- Home Secretary denies practice of mass surveillance, alludes to revival of Communications Data Bill.
- US Attorney General will propose new legislation that will give European the same rights as Americans in data transfers.
- Information Commissioner publishes 2013 annual report.
This is ORG's Parliamentary and policy update for the week beginning
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- 1 Official Meetings
- 2 Consultations and departments
- 3 Government Bills
- 4 Debates, questions and speeches
- 5 International Developments
- 6 European Union
- 7 ORG Media coverage
- 8 ORG contact details
Jim Killock has been in Washington this week attending discussions about the ongoing trade negotiations for the Transatlantic Trade and Investment Partnership (TTIP). He met with Susan Morgan from the Global Network Initiative and Sarah St Vincent from the Centre for Democracy & Technology.
Javier Ruiz had a data sharing meeting in the Cabinet Office on Thursday to discuss fraud, error and debt. Javier and Pam Cowburn also met with the Child Rights International Network on Friday to discuss web filters.
Consultations and departments
A full list of open consultations and Parliamentary events can be found on our Events
Annual report by the Intelligence Services Commissioner
The Intelligence Services Commissioner, released his annual report for 2013. It should be noted that the Commissioner only reviewed 318 warrants and authorisations out of a total of 1887.
Some of the key finding were:
- 33 errors reported
- 19 mistakes by MI5, 10 mistakes by MI6, 3 mistakes by GCHQ
- 418 instances where “consideration had to be given as to whether there was a serious risk of an individual being subject to unacceptable conduct either because they were in the detention of a liaison service, or if intelligence was supplied to solicit detention and they were then detained.” (Big Brother Watch).
You can view the report in full online (PDF).
Discussions on copyright exceptions to parody, quotations and personal copies on track in House of Lords
Debates, questions and speeches
Home Secretary speech on mass surveillance
Theresa May MP made a speech on Tuesday where she denied the practice of mass surveillance on the basis that in order for it to constitute mass surveillance it must be "pervasive and thorough observation".
Her speech follows a witness statement by the head of the Home Office's security and counter-terrorism unit, Charles Farr, who for the first time last week admitted the government was collecting communication information from social media sites, on the basis that they constituted external communications. The Home Secretary dismissed criticisms that this practise exploited a loophole in RIPA as 'nonsense'.
She warned that developing technology meant it was harder for the government to obtain data which would result in "making the internet an ungoverned, ungovernable space, a safe haven for terrorism and criminality."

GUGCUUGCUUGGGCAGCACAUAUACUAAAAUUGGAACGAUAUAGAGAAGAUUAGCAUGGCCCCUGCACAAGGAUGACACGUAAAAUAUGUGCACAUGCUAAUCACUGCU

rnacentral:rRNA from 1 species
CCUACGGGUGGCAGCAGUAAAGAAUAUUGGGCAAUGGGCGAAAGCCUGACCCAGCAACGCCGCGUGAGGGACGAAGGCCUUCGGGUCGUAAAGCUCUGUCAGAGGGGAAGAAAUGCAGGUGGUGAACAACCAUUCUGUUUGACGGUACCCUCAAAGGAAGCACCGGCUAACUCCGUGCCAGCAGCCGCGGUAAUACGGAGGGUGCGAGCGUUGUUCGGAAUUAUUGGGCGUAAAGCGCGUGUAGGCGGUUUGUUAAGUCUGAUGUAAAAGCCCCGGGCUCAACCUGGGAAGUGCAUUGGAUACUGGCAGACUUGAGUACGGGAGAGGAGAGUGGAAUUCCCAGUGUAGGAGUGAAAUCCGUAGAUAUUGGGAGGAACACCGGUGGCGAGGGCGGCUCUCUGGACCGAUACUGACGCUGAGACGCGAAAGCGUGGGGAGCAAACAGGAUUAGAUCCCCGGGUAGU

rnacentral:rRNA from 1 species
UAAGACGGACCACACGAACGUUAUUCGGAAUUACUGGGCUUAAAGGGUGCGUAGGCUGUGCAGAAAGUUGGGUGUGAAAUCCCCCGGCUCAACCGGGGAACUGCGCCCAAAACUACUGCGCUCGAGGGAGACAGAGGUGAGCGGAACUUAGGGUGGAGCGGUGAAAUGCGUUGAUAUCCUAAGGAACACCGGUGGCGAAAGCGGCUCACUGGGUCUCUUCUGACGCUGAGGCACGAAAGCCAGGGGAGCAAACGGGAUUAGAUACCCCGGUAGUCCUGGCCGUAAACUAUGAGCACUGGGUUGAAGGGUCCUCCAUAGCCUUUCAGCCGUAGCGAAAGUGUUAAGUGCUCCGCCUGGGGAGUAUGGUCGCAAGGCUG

She also allured to a revival of the Communications Data Bill (also referred to as the Snooper's Charter), by making the case that a reform to the law which would allow the government to maintain their capabilities, were "quite simply a question of life and death, a matter of national security" (The Guardian).
You can view a transcript of her speech online.
Nick Clegg's response to Theresa May's revival calls for 'Snoopers Charter'
The Deputy Prime Minister Nick Clegg MP, in response to Theresa May's speech on Tuesday has warned there will not be a revival of the Communications Data Bill while he was in government. He said "So no to what I call the weblog snoopers' charter. Yes of course to keeping up with technology but yes also to much wider reforms to improve the accountability, the checks and balances and the transparency with which these surveillance powers are used." (The Guardian).
US Attorney General to propose legislation that would give Europeans the same rights as Americans for data transfers
Eric Holder, America's Attorney General, said that as part of negotiations to establish a EU-US Data Protection and Privacy Agreement, he would propose legislation that would "provide E.U. citizens with the right to seek redress in U.S. courts if personal data shared with U.S. authorities by their home countries for law enforcement purposes under the proposed agreement is subsequently intentionally or willfully disclosed" (The Register).
The press release is available in full online.
Draft White Paper on EU copyright policy leaked
A White Paper titled "A copyright policy for creativity and innovation in the European Union" has been leaked and made available by IPKat.com.
The three main objectives of the White Paper are:
- To further facilitate the availability of and access to content in the digital single market
- Ensuring the optimal articulation between copyright and other public policy objectives
- Achieving a copyright marketplace and value-chain that works efficiently for all players and gives the right incentives for investment in creative and intellectual work.
You can view a more detailed analysis by IPKat online.
The draft copy is available online in PDF format.
New Legislation protecting consumers online
On the 13th June, a new EU Consumer Rights Directive, came into force bringing in a series of new protections for European consumers online. Some of the main points were:
- End of unjustified surcharges for the use of credit cards and hotlines
- 14 days cancellation of a purchase
- Ban on advertising products as free with secret charge (Europa).
ORG Media coverage
See ORG Press Coverage for full details.
- 2014-06-24 - Out-Law - UK government faces potential legal action if data retention practices are not ended
- Author: N/A
- Summary: Article about the potential legal action the government faces from the Open Rights Group if they do not change data retention practices.